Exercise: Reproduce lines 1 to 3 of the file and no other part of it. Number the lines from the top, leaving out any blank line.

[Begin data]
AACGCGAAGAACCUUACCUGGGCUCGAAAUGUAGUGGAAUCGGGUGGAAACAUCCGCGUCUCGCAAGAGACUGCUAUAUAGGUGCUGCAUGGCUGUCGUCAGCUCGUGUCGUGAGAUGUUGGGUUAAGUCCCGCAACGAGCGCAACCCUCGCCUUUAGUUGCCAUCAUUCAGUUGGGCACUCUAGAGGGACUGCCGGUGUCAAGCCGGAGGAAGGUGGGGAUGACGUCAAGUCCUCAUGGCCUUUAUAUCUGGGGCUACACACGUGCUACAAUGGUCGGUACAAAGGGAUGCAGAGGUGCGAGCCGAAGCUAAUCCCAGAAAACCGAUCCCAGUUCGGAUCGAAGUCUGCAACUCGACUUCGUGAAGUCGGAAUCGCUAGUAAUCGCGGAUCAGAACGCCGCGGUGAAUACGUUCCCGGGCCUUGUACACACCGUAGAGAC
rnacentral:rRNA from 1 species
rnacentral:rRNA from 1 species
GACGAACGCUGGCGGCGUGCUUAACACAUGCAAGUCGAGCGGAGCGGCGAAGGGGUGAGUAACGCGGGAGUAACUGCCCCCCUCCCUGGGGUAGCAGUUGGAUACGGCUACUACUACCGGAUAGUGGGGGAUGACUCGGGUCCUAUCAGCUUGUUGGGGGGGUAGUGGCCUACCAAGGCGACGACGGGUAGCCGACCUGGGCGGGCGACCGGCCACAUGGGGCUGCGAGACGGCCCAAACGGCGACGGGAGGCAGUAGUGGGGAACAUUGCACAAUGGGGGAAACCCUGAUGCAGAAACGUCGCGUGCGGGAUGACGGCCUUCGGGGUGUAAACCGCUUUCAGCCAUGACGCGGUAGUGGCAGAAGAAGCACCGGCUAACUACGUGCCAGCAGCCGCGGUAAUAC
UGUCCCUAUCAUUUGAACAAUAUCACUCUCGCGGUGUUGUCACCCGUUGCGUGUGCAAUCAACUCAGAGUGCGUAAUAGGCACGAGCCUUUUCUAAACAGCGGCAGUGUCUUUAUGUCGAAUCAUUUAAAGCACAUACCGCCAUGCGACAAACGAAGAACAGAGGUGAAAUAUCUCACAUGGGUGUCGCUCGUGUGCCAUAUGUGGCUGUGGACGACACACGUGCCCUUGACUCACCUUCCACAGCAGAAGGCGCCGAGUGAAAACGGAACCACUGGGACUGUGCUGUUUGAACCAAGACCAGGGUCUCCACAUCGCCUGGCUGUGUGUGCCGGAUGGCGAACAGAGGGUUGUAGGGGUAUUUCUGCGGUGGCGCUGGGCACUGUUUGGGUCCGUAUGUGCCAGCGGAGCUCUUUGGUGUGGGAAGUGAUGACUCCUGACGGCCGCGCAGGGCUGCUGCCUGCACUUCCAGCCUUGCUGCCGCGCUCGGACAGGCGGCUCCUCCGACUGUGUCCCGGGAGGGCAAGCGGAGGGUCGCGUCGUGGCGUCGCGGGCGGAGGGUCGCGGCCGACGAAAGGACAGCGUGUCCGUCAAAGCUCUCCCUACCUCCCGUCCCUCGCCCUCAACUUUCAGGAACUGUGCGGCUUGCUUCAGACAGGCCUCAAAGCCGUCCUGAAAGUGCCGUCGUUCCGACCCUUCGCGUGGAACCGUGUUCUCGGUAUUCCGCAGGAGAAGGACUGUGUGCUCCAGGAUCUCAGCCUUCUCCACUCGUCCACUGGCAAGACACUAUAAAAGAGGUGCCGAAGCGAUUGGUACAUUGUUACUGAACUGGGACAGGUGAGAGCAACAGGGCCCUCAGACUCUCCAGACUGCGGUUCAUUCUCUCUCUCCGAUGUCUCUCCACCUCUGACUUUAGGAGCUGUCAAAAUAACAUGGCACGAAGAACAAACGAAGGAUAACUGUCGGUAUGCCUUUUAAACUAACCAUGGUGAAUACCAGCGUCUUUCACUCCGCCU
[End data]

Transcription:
AACGCGAAGAACCUUACCUGGGCUCGAAAUGUAGUGGAAUCGGGUGGAAACAUCCGCGUCUCGCAAGAGACUGCUAUAUAGGUGCUGCAUGGCUGUCGUCAGCUCGUGUCGUGAGAUGUUGGGUUAAGUCCCGCAACGAGCGCAACCCUCGCCUUUAGUUGCCAUCAUUCAGUUGGGCACUCUAGAGGGACUGCCGGUGUCAAGCCGGAGGAAGGUGGGGAUGACGUCAAGUCCUCAUGGCCUUUAUAUCUGGGGCUACACACGUGCUACAAUGGUCGGUACAAAGGGAUGCAGAGGUGCGAGCCGAAGCUAAUCCCAGAAAACCGAUCCCAGUUCGGAUCGAAGUCUGCAACUCGACUUCGUGAAGUCGGAAUCGCUAGUAAUCGCGGAUCAGAACGCCGCGGUGAAUACGUUCCCGGGCCUUGUACACACCGUAGAGAC
rnacentral:rRNA from 1 species
rnacentral:rRNA from 1 species